Anxiety and depression can really take a toll on people, mentally and physically, so there are many suggestions for helping to treat these conditions. We’re often told tips like, take deep breaths, interrupt your train of thought by going for a walk, use aromatherapy, or write down your thoughts. But one thing that could help that we don’t often hear, is cryotherapy.
Cryotherapy is the “super-cooling” of the body for therapeutic purposes. Cryo- comes the Greek word “krous,” which means “icy,” “cold” or “frost. So this type of therapy can include the use of ice very cold materials on a portion of the body, or exposing the entire body to vapors that reach incredibly low temperatures ranging from minus 200 to minus 300 degrees Fahrenheit.
There are several risks to whole body cryotherapy, so consult with a medical professional before partaking in this activity.
The most common form of “cryotherapy” is the application of ice or cold packs to injuries. This causes blood vessels to constrict, reducing blood flow. It can alleviate pain, swelling, and inflammation. Athletes have long been known to use ice baths to help decrease the inflammation that may lead to muscle soreness after an intense workout.
But how does Cryotherapy help with anxiety?
Applying water of different temperatures to our body can change our physiology and mood.
Since the density of cold receptors (the parts of our body that can sense cold) in the skin is thought to be three to ten times higher than that of warm receptors, it can create a more positive therapeutic effect when utilizing cold therapies.
When humans swim in cold water, once over the initial shock of the cold, it is usually very invigorating. This is because the wet and cold causes our surface vessels to tighten up, making blood move from the surface of your body to the core, to conserve heat. It brings fresh blood to the brain and vital organs, gently detoxify and bring nutrition and oxygen to the area.
The cold can also temporarily take your mind off the things you are afraid of or worried about. The minutes you spend focused on how the cold water feels on your body can keep you in the moment rather than focusing on future or past events that are out of your control.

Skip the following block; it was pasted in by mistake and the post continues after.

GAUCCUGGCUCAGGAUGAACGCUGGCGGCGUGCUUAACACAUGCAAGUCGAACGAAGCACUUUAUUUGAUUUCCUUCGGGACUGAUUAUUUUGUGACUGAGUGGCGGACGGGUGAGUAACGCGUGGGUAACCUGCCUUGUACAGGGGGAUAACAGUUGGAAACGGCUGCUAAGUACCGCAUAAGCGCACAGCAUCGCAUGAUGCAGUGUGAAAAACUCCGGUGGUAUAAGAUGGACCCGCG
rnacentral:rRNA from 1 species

Additionally, a decrease in stress hormones has been reported with baths, which can also help to:
- Rebalance serotonin, which helps with mood regulation and memory.
- Increase the release of norepinephrine–an adrenal hormone that can help people naturally feel more cheerful.
- Increase production of beta-endorphins—the ‘feel-good’ molecules that give a sense of well-being and eases symptoms of depression and anxiety.
- Decrease cortisol, a stress-inducing hormone.
How can I utilize cryotherapy?
The quickest and easiest way to combat anxiety is to shock your system with cold. When using hydrotherapy for anxiety, only use cold water for a few minutes at a time.
Start with holding an ice pack underneath your eyes, above your cheekbones, for 30 seconds. The discomfort can distract your racing mind, and cooling this area triggers a reflex in the parasympathetic nervous system that results in slowed breathing and heart rate, and provides a sense of calm.
You can also try keeping frozen bottles of water in the freezer at home or work. Place one against your neck and wrists to help calm your system. If that’s not an option, try holding a piece of ice. Alternatively, try going to the bathroom to splash cold water on your face.
If available, the fastest way to alleviate anxiety is to hold our breath and stick our faces in a bowl of ice water for 10 seconds or so.
For a whole-body experience, try brief exposure to cold water in the form of a cold shower. Cold shower therapy is an ancient Ayurvedic remedy that has numerous health benefits such as treating anxiety and depression, improving circulation and toning skin. Patients can start a shower at a comfortable warm temperature and slowly cool down the water over a five-minute period down to 68°F, at which point you can sustain for two to three minutes.